And by the way, what’s so wrong with dog collars and tattoos and dyed hair and punk clothing as it is? Who is to say that the people you are attempting to persuade to buy your product in the first place don’t have these items of clothing (or makeup) on right now and are being offended by your stupid commercial? I am not one of them, no, but I used to sort of be—and even if I’m not, I certainly don’t want to do business with a company who deems one type of person more worthy or better than another person anyway.
I was pretty shocked when I saw your big snowball effect commercial. Do you honestly think that the people who have daughters are going to either take you seriously, or that they will laugh with your oh-so-funny attempt at humor? No. They’re going to roll their eyes just like I did, thinking that we already have so many tropes and stereotypes that create self-fulfilling prophecies for our daughters without you adding to the giant pile of blaming, shaming, and judgment.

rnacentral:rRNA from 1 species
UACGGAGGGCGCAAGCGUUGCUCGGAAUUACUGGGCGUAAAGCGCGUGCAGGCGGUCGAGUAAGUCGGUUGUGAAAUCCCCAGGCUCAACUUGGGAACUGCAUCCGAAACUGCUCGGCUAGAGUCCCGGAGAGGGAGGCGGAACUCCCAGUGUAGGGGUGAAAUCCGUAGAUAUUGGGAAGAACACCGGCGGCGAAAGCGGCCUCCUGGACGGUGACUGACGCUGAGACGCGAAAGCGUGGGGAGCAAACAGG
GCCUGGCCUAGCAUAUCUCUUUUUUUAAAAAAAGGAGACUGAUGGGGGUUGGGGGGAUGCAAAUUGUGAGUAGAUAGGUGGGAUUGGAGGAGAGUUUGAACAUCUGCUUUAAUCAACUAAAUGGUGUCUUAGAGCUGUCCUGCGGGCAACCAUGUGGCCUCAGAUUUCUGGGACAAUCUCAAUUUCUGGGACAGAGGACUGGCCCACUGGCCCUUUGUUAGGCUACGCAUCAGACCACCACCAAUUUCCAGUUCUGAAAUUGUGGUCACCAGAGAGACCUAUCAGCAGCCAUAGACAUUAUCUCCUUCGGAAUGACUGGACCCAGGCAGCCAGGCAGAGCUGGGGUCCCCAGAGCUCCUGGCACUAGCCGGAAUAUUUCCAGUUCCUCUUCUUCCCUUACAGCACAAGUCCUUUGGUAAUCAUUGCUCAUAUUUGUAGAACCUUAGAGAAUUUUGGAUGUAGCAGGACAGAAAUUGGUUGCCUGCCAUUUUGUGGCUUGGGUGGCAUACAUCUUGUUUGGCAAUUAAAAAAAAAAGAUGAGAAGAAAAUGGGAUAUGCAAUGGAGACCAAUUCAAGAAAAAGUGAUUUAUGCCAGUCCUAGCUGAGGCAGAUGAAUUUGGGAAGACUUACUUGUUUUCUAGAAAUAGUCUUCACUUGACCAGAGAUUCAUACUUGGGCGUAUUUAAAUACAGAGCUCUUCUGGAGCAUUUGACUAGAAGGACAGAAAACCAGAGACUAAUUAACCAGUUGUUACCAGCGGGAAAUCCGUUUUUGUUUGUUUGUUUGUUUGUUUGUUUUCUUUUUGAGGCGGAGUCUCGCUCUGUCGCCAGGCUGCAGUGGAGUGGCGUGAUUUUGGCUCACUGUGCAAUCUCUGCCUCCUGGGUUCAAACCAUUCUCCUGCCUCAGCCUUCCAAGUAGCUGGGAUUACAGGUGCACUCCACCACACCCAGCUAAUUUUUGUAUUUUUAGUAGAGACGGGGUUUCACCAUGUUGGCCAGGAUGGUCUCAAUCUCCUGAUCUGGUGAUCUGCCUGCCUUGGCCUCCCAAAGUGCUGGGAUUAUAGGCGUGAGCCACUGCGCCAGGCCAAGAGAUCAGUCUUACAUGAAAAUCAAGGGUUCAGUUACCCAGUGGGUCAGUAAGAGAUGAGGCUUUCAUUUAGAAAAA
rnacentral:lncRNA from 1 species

Congratulations for rendering half of the population as complete idiots, DirectTV. I suppose you are simply following in the footsteps of the current Republicans in Congress who think that women are stupid, too—so stupid that they can’t even make decisions regarding their own bodies or medications, in fact. Is this your line of thought? You might consider it a stretch, but is it really? You already pointed out that the type of television services that we do or do not buy are what affect us, our parenting, and our children for our entire lives—so why not translate that over to our health decisions too?
Yeah, we won’t be buying anything from you anytime soon, DirectTV. I am also delighted that I never subscribed to you in the first place to save me the trouble of canceling. I’m so happy that my parents canceled their subscription from you as well. You can bet that with this kind of belittlement of your potential customers, you can expect the trend to carry on.